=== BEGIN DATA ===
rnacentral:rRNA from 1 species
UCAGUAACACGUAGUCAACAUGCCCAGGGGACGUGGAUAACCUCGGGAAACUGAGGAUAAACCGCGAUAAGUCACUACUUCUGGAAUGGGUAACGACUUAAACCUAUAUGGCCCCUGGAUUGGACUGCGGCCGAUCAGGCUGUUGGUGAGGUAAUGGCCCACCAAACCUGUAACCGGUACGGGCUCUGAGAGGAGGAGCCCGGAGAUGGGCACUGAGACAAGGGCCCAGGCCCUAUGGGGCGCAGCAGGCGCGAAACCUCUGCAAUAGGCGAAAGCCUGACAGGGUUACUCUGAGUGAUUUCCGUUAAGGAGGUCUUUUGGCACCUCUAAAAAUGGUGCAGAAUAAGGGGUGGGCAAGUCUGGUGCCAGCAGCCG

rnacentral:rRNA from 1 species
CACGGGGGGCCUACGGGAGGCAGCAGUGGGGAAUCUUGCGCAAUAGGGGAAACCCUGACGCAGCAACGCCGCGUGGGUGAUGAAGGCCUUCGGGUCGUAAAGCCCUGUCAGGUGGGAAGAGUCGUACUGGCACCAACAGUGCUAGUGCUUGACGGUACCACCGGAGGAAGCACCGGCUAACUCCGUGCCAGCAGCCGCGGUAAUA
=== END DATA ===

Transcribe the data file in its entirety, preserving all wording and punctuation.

rnacentral:rRNA from 1 species
UCAGUAACACGUAGUCAACAUGCCCAGGGGACGUGGAUAACCUCGGGAAACUGAGGAUAAACCGCGAUAAGUCACUACUUCUGGAAUGGGUAACGACUUAAACCUAUAUGGCCCCUGGAUUGGACUGCGGCCGAUCAGGCUGUUGGUGAGGUAAUGGCCCACCAAACCUGUAACCGGUACGGGCUCUGAGAGGAGGAGCCCGGAGAUGGGCACUGAGACAAGGGCCCAGGCCCUAUGGGGCGCAGCAGGCGCGAAACCUCUGCAAUAGGCGAAAGCCUGACAGGGUUACUCUGAGUGAUUUCCGUUAAGGAGGUCUUUUGGCACCUCUAAAAAUGGUGCAGAAUAAGGGGUGGGCAAGUCUGGUGCCAGCAGCCG

rnacentral:rRNA from 1 species
CACGGGGGGCCUACGGGAGGCAGCAGUGGGGAAUCUUGCGCAAUAGGGGAAACCCUGACGCAGCAACGCCGCGUGGGUGAUGAAGGCCUUCGGGUCGUAAAGCCCUGUCAGGUGGGAAGAGUCGUACUGGCACCAACAGUGCUAGUGCUUGACGGUACCACCGGAGGAAGCACCGGCUAACUCCGUGCCAGCAGCCGCGGUAAUA